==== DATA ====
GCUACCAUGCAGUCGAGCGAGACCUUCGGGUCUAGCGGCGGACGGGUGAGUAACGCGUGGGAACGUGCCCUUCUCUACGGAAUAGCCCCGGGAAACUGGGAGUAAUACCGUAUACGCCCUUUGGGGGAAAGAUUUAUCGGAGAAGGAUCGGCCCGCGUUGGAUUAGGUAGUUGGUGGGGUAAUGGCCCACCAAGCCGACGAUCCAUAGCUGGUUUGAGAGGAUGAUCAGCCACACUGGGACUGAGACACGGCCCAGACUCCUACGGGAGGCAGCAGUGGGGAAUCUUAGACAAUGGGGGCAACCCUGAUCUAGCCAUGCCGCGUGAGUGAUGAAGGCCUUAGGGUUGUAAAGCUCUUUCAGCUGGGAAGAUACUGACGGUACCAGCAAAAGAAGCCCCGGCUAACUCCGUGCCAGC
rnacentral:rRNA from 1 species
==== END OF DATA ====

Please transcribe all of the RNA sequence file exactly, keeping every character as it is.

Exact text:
GCUACCAUGCAGUCGAGCGAGACCUUCGGGUCUAGCGGCGGACGGGUGAGUAACGCGUGGGAACGUGCCCUUCUCUACGGAAUAGCCCCGGGAAACUGGGAGUAAUACCGUAUACGCCCUUUGGGGGAAAGAUUUAUCGGAGAAGGAUCGGCCCGCGUUGGAUUAGGUAGUUGGUGGGGUAAUGGCCCACCAAGCCGACGAUCCAUAGCUGGUUUGAGAGGAUGAUCAGCCACACUGGGACUGAGACACGGCCCAGACUCCUACGGGAGGCAGCAGUGGGGAAUCUUAGACAAUGGGGGCAACCCUGAUCUAGCCAUGCCGCGUGAGUGAUGAAGGCCUUAGGGUUGUAAAGCUCUUUCAGCUGGGAAGAUACUGACGGUACCAGCAAAAGAAGCCCCGGCUAACUCCGUGCCAGC
rnacentral:rRNA from 1 species